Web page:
Finding funding for graduate school

Just the application process for graduate school can be expensive. An average application fee of $45 added to the cost of official transcripts for every institution attended, copying costs, postage, and long-distance phone calls can add up quickly. Many schools will waive the application fee for minority students and students who can document financial hardship. Information about fee waivers should be requested from individual programs.

If you need financial assistance, ask for it! Financial assistance may be offered in the form of assistantships, fellowships, work-study and loans. Financial assistance is more common for doctoral students, but many masters programs offer them as well.

Assistantships usually require students to provide a service in return for a tuition waiver and stipend. Assistantships vary by institution and the application process will be unique to the specific institution. Some assistantships will waive part of the tuition while others will waive the total tuition and will give a stipend amount each month or pay period. Assistantship responsibilities usually include teaching (TA), research (RA), lab coordination, or administration.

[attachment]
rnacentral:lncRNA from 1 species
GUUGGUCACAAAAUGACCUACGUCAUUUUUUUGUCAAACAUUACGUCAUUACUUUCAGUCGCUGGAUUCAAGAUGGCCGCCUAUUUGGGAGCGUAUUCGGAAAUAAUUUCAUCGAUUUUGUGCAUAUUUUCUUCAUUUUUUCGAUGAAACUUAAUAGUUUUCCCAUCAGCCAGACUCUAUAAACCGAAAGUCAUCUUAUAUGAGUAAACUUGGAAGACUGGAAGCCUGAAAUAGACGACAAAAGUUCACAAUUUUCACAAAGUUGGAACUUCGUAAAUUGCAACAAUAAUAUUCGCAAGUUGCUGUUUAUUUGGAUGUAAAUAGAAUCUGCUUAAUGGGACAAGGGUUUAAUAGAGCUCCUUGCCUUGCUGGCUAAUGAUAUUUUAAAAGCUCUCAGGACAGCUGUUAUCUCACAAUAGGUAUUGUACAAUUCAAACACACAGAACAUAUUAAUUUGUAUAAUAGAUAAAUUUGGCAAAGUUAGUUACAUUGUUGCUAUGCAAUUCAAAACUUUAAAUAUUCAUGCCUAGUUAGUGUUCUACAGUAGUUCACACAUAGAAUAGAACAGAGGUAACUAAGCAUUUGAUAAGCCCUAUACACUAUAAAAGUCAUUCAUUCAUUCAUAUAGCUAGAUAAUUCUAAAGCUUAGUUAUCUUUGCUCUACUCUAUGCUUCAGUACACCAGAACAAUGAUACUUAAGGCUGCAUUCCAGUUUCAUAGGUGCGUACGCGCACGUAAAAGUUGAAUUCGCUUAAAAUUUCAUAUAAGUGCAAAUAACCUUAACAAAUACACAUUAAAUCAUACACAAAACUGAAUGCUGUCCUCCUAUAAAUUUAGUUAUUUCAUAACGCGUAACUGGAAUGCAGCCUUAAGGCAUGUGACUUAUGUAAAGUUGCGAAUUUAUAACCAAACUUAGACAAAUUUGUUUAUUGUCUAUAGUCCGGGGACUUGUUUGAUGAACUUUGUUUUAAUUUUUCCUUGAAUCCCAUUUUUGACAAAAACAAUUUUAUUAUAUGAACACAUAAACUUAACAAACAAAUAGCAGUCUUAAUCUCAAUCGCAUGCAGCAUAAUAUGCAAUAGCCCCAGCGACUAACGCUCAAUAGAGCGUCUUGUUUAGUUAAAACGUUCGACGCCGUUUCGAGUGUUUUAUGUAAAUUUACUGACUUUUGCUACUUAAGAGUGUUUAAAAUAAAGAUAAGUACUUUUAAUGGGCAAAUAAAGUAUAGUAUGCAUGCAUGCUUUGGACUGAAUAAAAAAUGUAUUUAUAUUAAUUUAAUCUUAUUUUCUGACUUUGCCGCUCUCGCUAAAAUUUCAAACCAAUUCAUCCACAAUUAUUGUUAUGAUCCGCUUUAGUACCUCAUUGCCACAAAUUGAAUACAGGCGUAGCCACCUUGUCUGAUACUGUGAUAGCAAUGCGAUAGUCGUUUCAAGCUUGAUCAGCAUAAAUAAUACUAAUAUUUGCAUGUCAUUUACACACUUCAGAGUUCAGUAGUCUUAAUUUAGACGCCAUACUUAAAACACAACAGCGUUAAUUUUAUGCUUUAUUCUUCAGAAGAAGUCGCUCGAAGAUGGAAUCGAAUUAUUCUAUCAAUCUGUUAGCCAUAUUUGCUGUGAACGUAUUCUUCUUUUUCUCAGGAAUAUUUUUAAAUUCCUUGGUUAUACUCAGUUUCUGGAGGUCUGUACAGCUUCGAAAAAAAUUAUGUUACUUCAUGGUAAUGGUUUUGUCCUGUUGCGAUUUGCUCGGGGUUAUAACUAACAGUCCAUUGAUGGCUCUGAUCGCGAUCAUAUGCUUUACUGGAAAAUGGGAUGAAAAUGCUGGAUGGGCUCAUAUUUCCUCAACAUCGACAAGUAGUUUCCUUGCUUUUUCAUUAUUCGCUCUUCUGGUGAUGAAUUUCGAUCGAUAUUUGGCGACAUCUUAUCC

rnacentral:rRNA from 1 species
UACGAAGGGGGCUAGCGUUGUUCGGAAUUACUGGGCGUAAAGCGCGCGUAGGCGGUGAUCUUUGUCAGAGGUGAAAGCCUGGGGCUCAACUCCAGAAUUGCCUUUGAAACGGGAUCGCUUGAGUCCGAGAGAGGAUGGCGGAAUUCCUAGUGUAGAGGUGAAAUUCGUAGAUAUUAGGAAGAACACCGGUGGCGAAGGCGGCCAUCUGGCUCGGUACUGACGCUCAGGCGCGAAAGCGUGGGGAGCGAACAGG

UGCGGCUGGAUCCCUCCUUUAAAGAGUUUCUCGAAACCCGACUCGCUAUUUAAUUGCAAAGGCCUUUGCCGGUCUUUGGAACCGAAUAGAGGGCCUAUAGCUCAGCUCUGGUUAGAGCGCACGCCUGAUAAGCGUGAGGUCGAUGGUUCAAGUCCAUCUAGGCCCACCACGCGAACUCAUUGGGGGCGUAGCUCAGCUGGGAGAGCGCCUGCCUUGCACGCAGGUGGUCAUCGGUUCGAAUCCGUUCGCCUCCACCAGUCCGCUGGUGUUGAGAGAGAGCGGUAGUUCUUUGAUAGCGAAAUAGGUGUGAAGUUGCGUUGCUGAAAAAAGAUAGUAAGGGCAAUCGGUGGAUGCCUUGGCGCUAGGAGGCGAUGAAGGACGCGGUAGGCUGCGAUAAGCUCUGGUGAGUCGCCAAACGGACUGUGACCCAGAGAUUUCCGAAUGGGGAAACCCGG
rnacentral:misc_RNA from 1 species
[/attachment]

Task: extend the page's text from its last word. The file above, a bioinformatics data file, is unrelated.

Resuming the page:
Students interested in assistantships should contact their department first. Assistantships may also be found in the library system, residence life, student activities, admissions department and other student services offices.

Loan programs similar to the packages offered to undergraduate students are available to graduate students. There are applications and deadlines for these programs. Students should contact the Financial Aid office of their graduate school to find out more information regarding loans.

Also, there are funding opportunities that you can apply to before you have even been accepted into a graduate school program. For more help with this, contact the Grants and Funding Information Service for help with that process.

Some useful websites